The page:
Staffing and Customer Service
With the exception of a handful of employees (our room steward, and the Waiter and Assistant Waiter at table 231 being exceptions), the only way describe the crew is miserable. It is completely evident that the crew members do not enjoy their jobs and enjoy the presence of the passengers even less! Smiles were non-existent. Courtesies and good manners were rarely extended. Several incidents described below set the tone of the entire atmosphere.

Upon boarding, as my children and I made our way to the Lido deck for the welcome aboard luncheon, we literally ran into our first of many wretched employees. This particular pool area waiter was carrying a tray of fruity welcome aboard drinks when he made an abrupt 180 degree turn thrusting himself directly into our oncoming path. The tray wobbled while he desperately tried to stabilize it. In the end, one tall drink tumbled to the tile floor below causing the contents to shower on myself and my daughter. One would expect a sincere apology but instead the waiter cast us a disgusted look and began to pick up the ice on the floor. Still standing in the same spot with stains on our clothes, my daughter was forced to ask if we could use one of the towels to wipe ourselves. Still without a word, he finally handed us a towel.

A second event occurred shortly thereafter in the Unicorn café which was a cafeteria style restaurant which required the use of trays (the only free alternative dining on the ship). It was extremely crowded with most tables being occupied. Those tables that were not occupied had not been bussed. As we were aimlessly searching for a place to sit, much to horror, my huge tray caught the edge of the protruding window frames and slammed into the floor. Naturally, I felt terrible and was distraught. Fortunately, a bus girl was nearby and I caught her eye hoping for a sympathetic smile. But she didn't smile or rescue me at all. She didn't offer any sympathy, spoken or unspoken. I asked her if there was a towel that I could use to assist in the clean up, but she merely waved her hand at me signaling me to go away. I was so upset by the incident that I did not eat at all and left the area.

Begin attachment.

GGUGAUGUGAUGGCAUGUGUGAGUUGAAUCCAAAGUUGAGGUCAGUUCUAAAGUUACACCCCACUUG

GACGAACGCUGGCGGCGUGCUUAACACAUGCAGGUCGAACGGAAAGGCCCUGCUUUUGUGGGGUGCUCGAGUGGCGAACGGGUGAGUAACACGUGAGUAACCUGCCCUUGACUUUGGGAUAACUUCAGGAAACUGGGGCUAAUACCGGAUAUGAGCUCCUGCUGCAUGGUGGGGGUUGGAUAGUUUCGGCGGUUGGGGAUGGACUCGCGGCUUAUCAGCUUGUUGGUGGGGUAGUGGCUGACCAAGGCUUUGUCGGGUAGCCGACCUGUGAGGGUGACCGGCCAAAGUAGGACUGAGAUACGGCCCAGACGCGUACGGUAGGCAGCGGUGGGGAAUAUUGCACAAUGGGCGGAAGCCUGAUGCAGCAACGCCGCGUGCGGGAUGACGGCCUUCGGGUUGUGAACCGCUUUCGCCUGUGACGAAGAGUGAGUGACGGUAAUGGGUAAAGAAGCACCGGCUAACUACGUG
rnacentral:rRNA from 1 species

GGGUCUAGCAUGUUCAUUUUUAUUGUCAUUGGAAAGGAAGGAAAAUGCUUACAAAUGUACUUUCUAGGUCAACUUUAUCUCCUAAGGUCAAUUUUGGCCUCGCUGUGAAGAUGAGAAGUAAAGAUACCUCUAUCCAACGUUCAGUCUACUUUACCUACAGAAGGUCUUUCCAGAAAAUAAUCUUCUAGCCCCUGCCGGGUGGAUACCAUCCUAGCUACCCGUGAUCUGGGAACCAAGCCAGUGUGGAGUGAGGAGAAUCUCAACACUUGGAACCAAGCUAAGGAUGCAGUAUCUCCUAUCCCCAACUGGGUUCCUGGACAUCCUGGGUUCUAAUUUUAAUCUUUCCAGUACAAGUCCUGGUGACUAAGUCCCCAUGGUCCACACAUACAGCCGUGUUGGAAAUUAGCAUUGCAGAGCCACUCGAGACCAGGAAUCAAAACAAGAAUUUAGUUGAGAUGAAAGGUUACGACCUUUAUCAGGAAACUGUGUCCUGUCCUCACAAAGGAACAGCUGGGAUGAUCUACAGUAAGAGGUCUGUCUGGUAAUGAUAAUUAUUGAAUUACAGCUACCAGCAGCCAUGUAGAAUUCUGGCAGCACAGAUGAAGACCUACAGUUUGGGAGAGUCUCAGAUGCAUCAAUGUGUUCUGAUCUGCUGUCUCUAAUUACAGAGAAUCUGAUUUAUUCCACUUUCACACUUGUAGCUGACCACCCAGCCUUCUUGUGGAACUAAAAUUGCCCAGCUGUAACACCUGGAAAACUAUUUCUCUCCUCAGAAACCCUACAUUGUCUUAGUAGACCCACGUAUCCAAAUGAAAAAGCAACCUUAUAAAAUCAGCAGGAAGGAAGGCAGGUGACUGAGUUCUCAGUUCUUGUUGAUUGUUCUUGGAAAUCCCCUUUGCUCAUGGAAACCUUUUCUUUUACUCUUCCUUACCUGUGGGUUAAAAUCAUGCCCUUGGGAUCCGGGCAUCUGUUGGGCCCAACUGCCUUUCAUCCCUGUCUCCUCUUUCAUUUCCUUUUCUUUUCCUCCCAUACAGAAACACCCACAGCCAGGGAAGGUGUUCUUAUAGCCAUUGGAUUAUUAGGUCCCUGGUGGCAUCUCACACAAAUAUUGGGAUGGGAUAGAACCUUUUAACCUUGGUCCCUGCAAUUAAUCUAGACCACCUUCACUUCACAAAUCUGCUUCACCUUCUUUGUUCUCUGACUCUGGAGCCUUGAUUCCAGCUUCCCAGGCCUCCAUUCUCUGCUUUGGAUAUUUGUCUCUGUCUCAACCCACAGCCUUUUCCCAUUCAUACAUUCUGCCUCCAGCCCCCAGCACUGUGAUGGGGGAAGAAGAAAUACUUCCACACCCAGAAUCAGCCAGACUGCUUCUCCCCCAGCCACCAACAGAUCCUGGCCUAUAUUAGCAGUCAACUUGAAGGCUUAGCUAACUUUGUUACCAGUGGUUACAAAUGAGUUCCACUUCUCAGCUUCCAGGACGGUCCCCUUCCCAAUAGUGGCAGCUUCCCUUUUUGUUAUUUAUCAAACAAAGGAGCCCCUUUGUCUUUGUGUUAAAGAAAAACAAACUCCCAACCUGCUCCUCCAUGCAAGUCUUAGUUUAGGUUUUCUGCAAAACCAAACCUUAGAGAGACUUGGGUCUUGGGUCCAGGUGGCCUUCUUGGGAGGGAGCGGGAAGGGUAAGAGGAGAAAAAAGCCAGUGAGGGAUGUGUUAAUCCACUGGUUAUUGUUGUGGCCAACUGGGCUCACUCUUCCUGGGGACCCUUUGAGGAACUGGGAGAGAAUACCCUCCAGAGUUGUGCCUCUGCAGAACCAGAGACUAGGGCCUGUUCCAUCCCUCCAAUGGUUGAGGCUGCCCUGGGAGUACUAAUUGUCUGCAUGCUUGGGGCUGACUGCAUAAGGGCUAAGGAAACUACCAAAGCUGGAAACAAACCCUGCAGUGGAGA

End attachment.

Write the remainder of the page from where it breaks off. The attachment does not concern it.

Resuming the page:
During breakfast one morning in the main dining room, I had the pleasure of meeting a couple who genuinely reminded me of both of my deceased parents. Needless to say, I was delighted by their company as we enjoyed breakfast together around 9:30AM. Shortly after finishing our eggs, as we sat and drank coffee and tea together, it became apparent that the staff was more interested in clearing this section of the dining room than in the comfort and pleasure of the customers. Two waiters actually began standing directly behind us (within a foot) making it very clear that we were not welcomed to stay despite the fact that the dining room would not close for another hour.

One morning, at the excursion desk, quite a few customers were discussing what alternatives might be available since their excursions were being cancelled due to poor weather. We were among those persons. We discussed the alternative tours which were still available and asked for a few minutes to consult with the children. The staff reassured us that taking a few minutes would be no problem. When we returned 10 minutes later, the desk was closed! A ship with superior customer service, out of courtesy for the guests, would have remained open extended hours (or minutes) due to the large volume of passengers being inconvenienced but the Legend employees would never provide anything more than the absolute minimum standards!

On the last day of our cruise, we arrived for breakfast in the main dining room at 7:30AM to allow enough time to be at our designated meeting spot by 8:30AM. Although we were seated immediately, by 8:15AM we still had not been served our meals. Two dozen persons, who arrived much later than us, had already been served and were leaving the dining room. When I expressed concern to the waiter about our time constraints, he literally yelled at me. He shouted that the turnover days for the staff are very busy and stressful and that our food would come when it got there. The horror on our faces must have embarrassed the other wait staff as one of the other waiters did have the good manners to apologize to us for the behavior of his co-worker.

Shortly after this incident, we gladly left the ship, forever!

The activities offered on the Carnival Legend are weak. Perhaps hairy chest competitions and blaring music at the pool is considered entertainment by some, but not by me! The best activities and entertainment on board were several of the evening shows in the showroom.

Children's program:
My expectation for the industry's best children's programs was the main basis for booking this cruise. Unfortunately, the Carnival Legend fell short in this area too. My eight year old son was not at all enthused to be stuck in a windowless room (except for the skylight windows) with six and seven year olds playing board games and computer games with outdated computers. Having cruised with Carnival before (out of Los Angeles), he was expecting to have fun and found none! My thirteen year old son met a number of other teenagers on the ship and enjoyed roaming the ship with his new friends sans children's program.

In conclusion, the Carnival Legend is a ship which will please only those with minimal standards.